Robinson says he was moved to write the script largely to make the political and social argument that underlays the story. “When we don’t completely understand the other party’s point of view, we make decisions based on our interpretations of what we think their point of view might be.”
In Phantom, the Soviets interpret a missile defense system created by the Americans as a sign of preemptive nuclear aggression. So KGB agents take it upon themselves to incite a nuclear showdown between the United States and China. “They elect to begin the only kind of nuclear war they could win, which is one that they are not participating in. This is how terrible things are made possible, by the misunderstanding of opposing cultures.”
For Academy Award-nominated producing partners Densham and Watson, who have made films together for some four decades, it was also the script’s “mano-a-mano” character conflict between the submarine’s captain and a rogue KGB commando that made it compelling. In particular, they were attracted to the dilemma of the captain, whom they describe as a man struggling to find his identity in the midst of a crisis and confronting his demons for a chance at redemption.
“These kinds of films fascinate us because we’re very passionate about altruistic heroes,” says Densham. “What excites us are characters who are willing to stand their ground and possibly die for the future of other people. This is very much the case in Phantom.”
Robinson says the film could be the first in the submarine-movie genre to actually be shot on a real submarine—a choice that came with a host of unique challenges.
“At one point, we had 27 people in a space about twice the size of an average family bathroom with cameras, lights and all kinds of gear,” Robinson recalls. “By the time you got through shooting in that place, you couldn’t get out fast enough. Frankly, there was always an ass in your face, and it didn’t matter who you were. Everyone was suffering the same conditions. Also, it’s a very old submarine. It’s sort of falling apart. Just to pre-rig the thing for shooting, we had to cut holes all the way through it.”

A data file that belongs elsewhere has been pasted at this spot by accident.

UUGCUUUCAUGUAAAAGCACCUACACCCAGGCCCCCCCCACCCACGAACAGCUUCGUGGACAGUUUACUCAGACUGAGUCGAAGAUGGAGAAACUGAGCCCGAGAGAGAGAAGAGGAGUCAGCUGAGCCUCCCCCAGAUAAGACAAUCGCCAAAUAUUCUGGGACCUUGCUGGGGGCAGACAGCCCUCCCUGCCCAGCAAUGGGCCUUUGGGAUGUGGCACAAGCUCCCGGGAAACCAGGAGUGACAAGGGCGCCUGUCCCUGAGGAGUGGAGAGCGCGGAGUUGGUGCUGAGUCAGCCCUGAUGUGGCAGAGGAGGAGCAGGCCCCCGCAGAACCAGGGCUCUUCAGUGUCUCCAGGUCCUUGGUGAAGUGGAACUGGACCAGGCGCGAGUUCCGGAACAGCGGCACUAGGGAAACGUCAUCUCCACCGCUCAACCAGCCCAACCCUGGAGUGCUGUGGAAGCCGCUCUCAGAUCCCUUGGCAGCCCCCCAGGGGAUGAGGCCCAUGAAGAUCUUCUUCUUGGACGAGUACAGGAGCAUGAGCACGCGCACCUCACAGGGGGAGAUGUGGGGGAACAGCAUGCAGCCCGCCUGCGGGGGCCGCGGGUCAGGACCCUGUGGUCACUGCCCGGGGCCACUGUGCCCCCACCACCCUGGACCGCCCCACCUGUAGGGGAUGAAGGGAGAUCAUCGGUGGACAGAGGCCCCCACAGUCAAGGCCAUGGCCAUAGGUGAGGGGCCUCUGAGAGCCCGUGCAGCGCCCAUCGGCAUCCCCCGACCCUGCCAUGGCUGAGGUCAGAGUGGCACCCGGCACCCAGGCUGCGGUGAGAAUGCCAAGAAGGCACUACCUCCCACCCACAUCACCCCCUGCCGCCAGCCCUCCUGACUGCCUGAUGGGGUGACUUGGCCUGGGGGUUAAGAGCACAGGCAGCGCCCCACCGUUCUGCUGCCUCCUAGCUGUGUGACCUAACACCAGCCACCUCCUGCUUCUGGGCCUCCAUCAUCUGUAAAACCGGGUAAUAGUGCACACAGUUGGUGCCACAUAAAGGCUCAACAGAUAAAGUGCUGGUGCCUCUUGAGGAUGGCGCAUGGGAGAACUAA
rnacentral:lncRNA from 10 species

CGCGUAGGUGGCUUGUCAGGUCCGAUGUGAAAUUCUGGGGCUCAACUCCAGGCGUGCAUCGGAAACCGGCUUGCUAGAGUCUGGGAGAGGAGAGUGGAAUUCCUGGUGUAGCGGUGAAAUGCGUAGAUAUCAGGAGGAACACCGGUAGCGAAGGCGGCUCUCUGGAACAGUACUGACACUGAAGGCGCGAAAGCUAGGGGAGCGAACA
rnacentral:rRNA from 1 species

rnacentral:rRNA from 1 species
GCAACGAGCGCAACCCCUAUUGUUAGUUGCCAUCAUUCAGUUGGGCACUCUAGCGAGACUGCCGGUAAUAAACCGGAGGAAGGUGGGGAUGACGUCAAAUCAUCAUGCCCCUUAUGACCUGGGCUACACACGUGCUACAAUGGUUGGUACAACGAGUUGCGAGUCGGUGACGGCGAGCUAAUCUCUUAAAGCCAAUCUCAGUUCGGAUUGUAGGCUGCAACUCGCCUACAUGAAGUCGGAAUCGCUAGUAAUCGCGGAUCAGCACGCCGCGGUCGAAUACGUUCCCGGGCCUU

But the upside was the powerful sense of authenticity that the submarine gave to the actors, who were assisted by submarine expert and technical advisor Ken Sewell..
“Phantom is one of the most realistic post-WWII submarine movies that has ever been made,” comments Captain Charles MacVean, USS Sea Wolf (SSN-575). “It is also the first Hollywood movie shot almost entirely inside an actual, Soviet cold-war submarine, docked at the Maritime Museum of San Diego. In particular, the film truly captures the unique camaraderie and courage any submarine crew experiences, whether Soviet or American.”
“Our film crew had to work like a ship’s crew in the intense and confined spaces. It was challenging and gave us a deep appreciation for the submarine’s sailors,” Densham states.
Producer Adams, who also plays the navigator Bavenod, adds, “Shooting on a real submarine was hugely valuable as an actor – to be in the real environment made everyone’s performances more authentic.”
“We learned what it feels like to be under decks for hours a day and the compression factor,” declares Densham, who had to contend with feelings of claustrophobia in the early days of the shoot. “It’s a very stressful environment, yet the crew kept their cool. They worked like a ship’s crew. It was a joy to see them working under incredible duress.”
“We weren’t only in a sub but the sub—the same classification of sub that the story is written about,” says actor William Fichtner (The Dark Knight, Black Hawk Down), who plays the loyal executive officer, Alex, in the film. “It’s a huge character in the film. It dictates rhythms and blocking and intimacy between characters, and what they talk about to each other. It’s so strong to spend time in the sub. It really fed all of us tremendously.”